EXPLORING THE SPACE: China launches its first man-made satellite Dongfanghong 1 on April 24, 1970 (XINHUA)
On April 24, 1970, China successfully launched its first man-made satellite, Dongfanghong 1, marking the first step of the country's venture into space. Although 13 years after the former Soviet Union, it took place when the country's economic and industrial strength was by no means comparable to any superpower.
China's space program dates back to 1958 when late Chinese leader Mao Zedong issued a call to "make our own man-made satellite" at the Second Session of the Eighth National Congress of the Communist Party of China (CPC).
In 1965 then Premier Zhou Enlai approved in principle a proposal for a project to develop China's man-made satellite. Three years later, the China Academy of Space Technology (CAST) was officially established, with Qian Xuesen, who is known as the father of China's missile and space program, acting as its first president.
Lacking experimental equipment and qualified technical personnel and facing economic and technical blockades from Western countries, CAST broke through hundreds of technical barriers and guaranteed the progress in the research and manufacture of Dongfanghong 1. Once in orbit, all apparatus on the satellite worked for longer than expected and sent back an avalanche of data. China became the fifth country in the world to develop and launch satellites independently. And, in many areas such as weight, tracking, and temperature control Dongfanghong 1 surpassed the first satellites launched by the other four countries: the Soviet Union, the United States, France and Japan.
WIDER APPLICATION: China launches Shijian 11-01 satellitefor for science and technology experiments, on November 12, 2009 (XU HAIHAN)
Innovation and application
The successful launch of Dongfanghong 1 stands out as a landmark of China's space industry. The lift-off of the Shenzhou 5 spacecraft in 2003 gave China further title to its place in space. From unmanned to manned craft, the country's space technology has gradually developed. Statistics show during the 11th Five-Year Plan (2006-10) China launched eight satellites on average every year; compared to an annual average of 1.5 before the Ninth Five-Year Plan (1996-2000). The cycle of satellite manufacture has been greatly shortened.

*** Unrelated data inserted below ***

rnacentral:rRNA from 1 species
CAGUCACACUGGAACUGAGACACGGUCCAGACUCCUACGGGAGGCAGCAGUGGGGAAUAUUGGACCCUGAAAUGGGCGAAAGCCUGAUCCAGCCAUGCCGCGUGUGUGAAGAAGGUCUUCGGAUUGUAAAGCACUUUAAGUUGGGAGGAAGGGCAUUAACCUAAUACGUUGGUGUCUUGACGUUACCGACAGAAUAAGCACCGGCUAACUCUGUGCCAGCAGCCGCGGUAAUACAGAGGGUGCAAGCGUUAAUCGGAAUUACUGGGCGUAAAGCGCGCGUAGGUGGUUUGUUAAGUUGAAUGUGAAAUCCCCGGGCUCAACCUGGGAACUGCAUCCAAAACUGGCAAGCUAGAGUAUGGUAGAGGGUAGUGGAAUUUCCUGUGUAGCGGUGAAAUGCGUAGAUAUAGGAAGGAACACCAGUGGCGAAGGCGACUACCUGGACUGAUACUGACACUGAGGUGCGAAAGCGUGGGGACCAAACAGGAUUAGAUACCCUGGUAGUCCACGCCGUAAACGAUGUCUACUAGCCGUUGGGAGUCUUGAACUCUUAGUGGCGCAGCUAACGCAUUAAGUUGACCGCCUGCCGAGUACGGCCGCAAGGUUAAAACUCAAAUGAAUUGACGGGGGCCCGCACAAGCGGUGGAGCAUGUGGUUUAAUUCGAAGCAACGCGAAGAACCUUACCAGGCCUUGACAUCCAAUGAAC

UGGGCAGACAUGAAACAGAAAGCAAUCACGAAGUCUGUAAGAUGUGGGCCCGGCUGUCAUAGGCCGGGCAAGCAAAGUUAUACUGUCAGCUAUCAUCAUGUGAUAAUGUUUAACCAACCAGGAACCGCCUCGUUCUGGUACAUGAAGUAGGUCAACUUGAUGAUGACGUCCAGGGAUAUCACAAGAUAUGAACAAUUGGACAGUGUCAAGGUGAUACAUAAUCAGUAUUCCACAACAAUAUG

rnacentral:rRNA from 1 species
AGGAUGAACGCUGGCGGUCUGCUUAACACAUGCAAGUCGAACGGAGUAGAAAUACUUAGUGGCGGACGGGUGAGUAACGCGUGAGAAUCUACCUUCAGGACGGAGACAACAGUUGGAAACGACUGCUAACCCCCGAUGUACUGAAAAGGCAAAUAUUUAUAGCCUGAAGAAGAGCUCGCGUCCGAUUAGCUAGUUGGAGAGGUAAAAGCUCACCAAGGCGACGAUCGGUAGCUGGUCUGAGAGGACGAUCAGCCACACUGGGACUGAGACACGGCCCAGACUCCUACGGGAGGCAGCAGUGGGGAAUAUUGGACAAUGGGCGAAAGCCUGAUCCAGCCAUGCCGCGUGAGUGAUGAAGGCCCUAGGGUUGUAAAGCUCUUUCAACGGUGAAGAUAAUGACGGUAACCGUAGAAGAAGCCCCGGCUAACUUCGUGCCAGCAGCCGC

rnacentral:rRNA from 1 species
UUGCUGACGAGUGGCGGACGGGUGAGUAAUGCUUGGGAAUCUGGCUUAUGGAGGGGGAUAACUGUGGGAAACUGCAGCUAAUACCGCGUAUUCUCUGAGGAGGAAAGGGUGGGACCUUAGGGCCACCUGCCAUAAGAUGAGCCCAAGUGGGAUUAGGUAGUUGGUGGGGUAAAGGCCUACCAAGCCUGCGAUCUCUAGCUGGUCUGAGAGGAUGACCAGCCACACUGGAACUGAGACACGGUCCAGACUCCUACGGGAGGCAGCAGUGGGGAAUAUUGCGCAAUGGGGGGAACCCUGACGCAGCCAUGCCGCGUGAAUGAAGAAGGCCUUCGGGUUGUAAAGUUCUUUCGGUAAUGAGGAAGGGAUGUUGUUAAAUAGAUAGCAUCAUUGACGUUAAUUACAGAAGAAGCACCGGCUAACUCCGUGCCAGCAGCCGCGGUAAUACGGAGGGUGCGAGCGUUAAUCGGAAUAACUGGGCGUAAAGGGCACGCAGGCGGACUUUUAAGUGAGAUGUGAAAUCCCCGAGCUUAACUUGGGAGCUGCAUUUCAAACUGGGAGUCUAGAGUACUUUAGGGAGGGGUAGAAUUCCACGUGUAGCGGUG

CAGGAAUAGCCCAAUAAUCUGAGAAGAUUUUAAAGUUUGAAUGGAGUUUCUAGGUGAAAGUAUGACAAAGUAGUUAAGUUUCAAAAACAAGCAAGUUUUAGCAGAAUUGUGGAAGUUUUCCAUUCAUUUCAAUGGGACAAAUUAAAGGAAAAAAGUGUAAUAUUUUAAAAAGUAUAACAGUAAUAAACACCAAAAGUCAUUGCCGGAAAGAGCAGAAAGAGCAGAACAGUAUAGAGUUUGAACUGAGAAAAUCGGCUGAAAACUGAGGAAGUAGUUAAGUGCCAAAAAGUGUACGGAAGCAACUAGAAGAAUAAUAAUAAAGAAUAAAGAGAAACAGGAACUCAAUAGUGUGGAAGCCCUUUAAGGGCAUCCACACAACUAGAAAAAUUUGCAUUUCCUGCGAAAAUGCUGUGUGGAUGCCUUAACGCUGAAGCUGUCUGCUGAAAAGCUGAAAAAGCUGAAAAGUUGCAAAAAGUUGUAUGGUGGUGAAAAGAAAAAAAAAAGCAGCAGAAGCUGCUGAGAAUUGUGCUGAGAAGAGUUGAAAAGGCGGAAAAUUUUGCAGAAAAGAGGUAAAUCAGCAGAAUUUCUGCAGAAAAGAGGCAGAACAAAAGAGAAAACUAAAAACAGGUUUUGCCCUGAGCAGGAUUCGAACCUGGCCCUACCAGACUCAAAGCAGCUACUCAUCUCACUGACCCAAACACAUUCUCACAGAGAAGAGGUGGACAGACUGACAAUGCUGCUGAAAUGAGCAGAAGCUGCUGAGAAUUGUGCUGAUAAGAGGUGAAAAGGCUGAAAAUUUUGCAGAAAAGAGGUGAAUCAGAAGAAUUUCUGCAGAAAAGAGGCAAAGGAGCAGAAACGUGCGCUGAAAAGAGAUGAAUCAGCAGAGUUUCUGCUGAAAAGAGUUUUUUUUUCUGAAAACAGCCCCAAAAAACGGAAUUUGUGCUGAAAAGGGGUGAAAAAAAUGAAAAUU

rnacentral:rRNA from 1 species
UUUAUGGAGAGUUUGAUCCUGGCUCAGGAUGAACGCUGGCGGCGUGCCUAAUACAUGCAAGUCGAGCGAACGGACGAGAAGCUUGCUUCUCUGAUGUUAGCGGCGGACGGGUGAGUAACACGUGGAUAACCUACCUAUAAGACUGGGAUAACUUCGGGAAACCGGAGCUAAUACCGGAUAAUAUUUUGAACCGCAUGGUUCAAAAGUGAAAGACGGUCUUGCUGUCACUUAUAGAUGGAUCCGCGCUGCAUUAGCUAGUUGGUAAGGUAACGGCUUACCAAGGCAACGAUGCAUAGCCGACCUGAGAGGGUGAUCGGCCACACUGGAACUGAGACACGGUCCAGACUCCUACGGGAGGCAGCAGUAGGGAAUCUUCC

Now China has various kinds of satellites with different fields of application. Its technologies of satellite retrieval, multi-satellite launching, lunar exploration, and manned spaceflight have risen to an advanced level. With geostationary, navigation, resources, and remote-sensing satellites flying in formation, there is great potential in space technology applications.
A number of space technologies have been applied already in the fields of energy, transportation and health care, helping to reform traditional industries. Space breeding experiments have given crops stronger resistance to disease, drought and flood. And, with the help of satellite remote-sensing technology to forecast typhoons, storms, mudslides, floods, droughts and earthquakes, economic losses from natural disasters have been greatly reduced.
In addition, CAST has established six main state labs and a complete system of spacecraft design, testing and manufacturing, enhancing the country's capacity of putting into practice schemes for deep-space exploration.
The 12th Five-Year Plan (2011-15) puts a strong emphasis on further perfection of space infrastructure. With spacecraft development as a central research project, China will build an orbital space station, and continue to conduct the tasks of manned spaceflight and lunar exploration including a probe landing. The country's space program also takes international cooperation and commercial applications into consideration.
In the past 40 years, China has built up its space industry from literally nothing. History tells core space technology cannot be bought. Only with a strong capacity for technical innovation, self-reliance and hard work will China's space industry continue to make remarkable headway in the future.
The authors are president of the China Academy of Space Technology and president of China Spacesat Co. Ltd.